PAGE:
Our industry panel will be held on Saturday the 30th of April at 12pm and will include:
- David Cleveland, a renowned film archivist, author and founder of the East Anglian Film Archive.
- Chris Squires, a film-to-digital transfer specialist who uses the Memory HD Telecine system.
- Michael Woodley, a successful web entrepreneur and CTO of Doovle, an in-video search technology that is currently being explored as a movie search engine and digital film archive platform.
This is a free event! Don’t miss this opportunity to discuss, share knowledge, opinion and facilitate a discourse on how analogue film, through its preservation and continued practice as a moving-image medium, can remain a rich source of cultural heritage in our digital epoch.
Each year the Cambridge International Super 8 Film Festival hosts a panel discussion to examine the latest trends and practices relating to Super 8 and small format film making as a whole.
Previous panels have been made up of filmmakers, artists, journalists, magazine editors, bloggers, festival organisers and film processing specialists. Themes have included Super 8 in the 21st Century and Super8: Another paint brush for filmmakers?
As the debate on how to transform both cultural and audiovisual heritage continues to bubble and burn, this year’s theme will focus on film preservation and its multitude of connotations.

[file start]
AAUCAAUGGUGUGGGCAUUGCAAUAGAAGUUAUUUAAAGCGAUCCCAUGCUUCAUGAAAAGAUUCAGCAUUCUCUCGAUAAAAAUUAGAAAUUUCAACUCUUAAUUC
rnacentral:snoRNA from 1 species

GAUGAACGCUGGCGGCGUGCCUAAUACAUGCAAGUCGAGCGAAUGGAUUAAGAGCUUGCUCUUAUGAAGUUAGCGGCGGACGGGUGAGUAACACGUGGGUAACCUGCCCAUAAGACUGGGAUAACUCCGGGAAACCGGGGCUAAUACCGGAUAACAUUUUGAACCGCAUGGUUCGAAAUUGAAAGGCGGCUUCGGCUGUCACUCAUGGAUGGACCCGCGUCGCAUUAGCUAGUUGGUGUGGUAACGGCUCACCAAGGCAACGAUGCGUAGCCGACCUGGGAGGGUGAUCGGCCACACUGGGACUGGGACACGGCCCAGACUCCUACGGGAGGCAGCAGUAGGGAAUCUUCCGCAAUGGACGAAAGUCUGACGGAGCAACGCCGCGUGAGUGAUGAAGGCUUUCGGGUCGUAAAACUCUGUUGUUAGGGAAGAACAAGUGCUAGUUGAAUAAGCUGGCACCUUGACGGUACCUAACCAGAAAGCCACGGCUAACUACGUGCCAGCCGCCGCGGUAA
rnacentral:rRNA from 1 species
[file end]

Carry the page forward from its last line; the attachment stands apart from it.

Film preservation is an expanding global movement. National archives,
research institutes and amateur film societies exist all over the world, unified in the aim of preserving the visual history of our world imprinted on film over the last 115 years. Digital innovation and online trends continue to offer new ways of creating accessible, on-demand digital film archives. However, digitization is only one part of the equation.
The filmic experience is a unique one. A fundamentally important aspect of film preservation lies in the collective experience of screening the medium in its original form. Film, as a time-based medium, is imbued with such referents as memory, nostalgia and storytelling. Preserving film also requires the restoration and storage of the physical medium itself, which is fragile and prone to decay, along with the equipment required to screen it.
Combining these aspects raises some wider questions. For example, how long will film as a physical medium last? Can digital replicate the qualities inherent in analogue film? In the case of Super 8, its visual aesthetics have migrated into the digital domain in the form of video editing filters and effects. Now there is even an iPhone app* which gives digital video that Super 8 look and feel.
*iSupr8 is an iPhone app video recorder which grades each pixel based on exposure adding old school effects and
film-burn. The resulting film becomes a unique and retro masterpiece. Keeping the 8mm movement alive is what iSupr8 is about. It’s not just a fun novelty app, it is an effort to revive and increase awareness
of a commercially dying format to a new generation, as well as a production tool for filmmakers seeking an authentic, vintage look.